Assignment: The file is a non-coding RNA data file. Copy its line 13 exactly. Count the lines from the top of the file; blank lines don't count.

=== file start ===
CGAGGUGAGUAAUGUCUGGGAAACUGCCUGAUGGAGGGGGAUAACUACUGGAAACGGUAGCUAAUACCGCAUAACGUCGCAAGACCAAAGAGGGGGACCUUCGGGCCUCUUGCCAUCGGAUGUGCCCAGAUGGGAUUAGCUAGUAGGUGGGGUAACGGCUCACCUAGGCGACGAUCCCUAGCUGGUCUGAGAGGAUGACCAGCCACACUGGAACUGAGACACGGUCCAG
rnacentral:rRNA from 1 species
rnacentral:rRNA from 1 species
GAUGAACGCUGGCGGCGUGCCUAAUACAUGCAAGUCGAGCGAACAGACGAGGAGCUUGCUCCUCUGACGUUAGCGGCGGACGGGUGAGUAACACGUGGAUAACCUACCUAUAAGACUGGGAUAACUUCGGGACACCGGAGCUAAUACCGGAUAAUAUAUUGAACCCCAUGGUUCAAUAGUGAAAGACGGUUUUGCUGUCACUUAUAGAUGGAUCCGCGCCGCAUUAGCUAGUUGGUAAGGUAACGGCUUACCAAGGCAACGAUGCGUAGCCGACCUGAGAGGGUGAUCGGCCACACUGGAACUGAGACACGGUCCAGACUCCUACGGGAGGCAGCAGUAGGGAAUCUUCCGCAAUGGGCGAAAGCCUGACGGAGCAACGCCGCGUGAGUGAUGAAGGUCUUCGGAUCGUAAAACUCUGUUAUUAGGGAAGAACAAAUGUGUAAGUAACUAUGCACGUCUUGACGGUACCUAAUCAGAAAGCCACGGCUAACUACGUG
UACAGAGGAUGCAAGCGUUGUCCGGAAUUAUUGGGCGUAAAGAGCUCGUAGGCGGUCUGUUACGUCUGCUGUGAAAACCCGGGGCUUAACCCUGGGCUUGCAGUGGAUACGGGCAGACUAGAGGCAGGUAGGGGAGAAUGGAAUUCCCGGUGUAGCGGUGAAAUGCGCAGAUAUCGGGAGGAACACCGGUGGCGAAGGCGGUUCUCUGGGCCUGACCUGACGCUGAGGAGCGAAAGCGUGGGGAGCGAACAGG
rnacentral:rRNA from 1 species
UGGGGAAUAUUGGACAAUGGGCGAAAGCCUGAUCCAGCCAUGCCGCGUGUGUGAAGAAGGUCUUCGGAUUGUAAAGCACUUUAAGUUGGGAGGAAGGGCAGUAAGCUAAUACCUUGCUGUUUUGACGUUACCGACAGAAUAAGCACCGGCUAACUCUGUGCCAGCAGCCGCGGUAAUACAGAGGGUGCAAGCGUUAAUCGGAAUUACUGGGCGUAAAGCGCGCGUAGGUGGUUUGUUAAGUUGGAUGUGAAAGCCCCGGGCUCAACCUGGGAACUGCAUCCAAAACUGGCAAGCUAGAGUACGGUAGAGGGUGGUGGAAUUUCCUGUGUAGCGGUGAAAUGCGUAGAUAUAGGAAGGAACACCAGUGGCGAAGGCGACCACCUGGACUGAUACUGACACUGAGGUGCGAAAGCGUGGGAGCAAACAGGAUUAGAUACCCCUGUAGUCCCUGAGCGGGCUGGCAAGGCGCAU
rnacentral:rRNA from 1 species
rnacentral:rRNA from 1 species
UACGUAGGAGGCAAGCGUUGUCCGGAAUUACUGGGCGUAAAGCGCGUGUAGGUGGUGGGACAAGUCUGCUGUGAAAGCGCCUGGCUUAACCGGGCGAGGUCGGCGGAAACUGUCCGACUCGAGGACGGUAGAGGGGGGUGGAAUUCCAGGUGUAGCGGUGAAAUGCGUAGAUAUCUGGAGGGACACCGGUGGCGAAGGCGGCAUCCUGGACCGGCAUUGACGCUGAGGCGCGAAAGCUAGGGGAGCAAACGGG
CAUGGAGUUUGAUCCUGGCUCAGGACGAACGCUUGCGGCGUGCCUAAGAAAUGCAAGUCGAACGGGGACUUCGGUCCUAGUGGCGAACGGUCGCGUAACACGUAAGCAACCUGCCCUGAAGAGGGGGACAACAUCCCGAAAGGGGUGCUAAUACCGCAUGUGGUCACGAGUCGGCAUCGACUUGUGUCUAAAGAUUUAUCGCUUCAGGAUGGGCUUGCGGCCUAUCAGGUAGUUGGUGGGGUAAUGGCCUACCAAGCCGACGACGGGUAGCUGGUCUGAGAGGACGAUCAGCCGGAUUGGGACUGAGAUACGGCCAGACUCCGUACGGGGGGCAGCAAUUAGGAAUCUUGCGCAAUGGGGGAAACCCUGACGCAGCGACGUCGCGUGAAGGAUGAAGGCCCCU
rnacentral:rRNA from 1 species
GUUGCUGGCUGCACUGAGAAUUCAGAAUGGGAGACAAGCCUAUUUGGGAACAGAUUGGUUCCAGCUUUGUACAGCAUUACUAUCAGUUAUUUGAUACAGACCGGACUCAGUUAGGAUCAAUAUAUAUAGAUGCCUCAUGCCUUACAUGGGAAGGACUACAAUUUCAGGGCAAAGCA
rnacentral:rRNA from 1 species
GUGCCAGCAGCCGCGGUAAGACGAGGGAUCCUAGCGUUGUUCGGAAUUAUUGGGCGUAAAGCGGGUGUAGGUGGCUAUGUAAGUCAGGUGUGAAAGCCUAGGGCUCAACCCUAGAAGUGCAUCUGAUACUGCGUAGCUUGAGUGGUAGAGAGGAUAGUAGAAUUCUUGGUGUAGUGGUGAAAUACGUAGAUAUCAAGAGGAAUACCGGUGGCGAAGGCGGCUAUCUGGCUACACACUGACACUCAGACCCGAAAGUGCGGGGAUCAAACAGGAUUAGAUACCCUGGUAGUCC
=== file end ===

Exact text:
GUUGCUGGCUGCACUGAGAAUUCAGAAUGGGAGACAAGCCUAUUUGGGAACAGAUUGGUUCCAGCUUUGUACAGCAUUACUAUCAGUUAUUUGAUACAGACCGGACUCAGUUAGGAUCAAUAUAUAUAGAUGCCUCAUGCCUUACAUGGGAAGGACUACAAUUUCAGGGCAAAGCA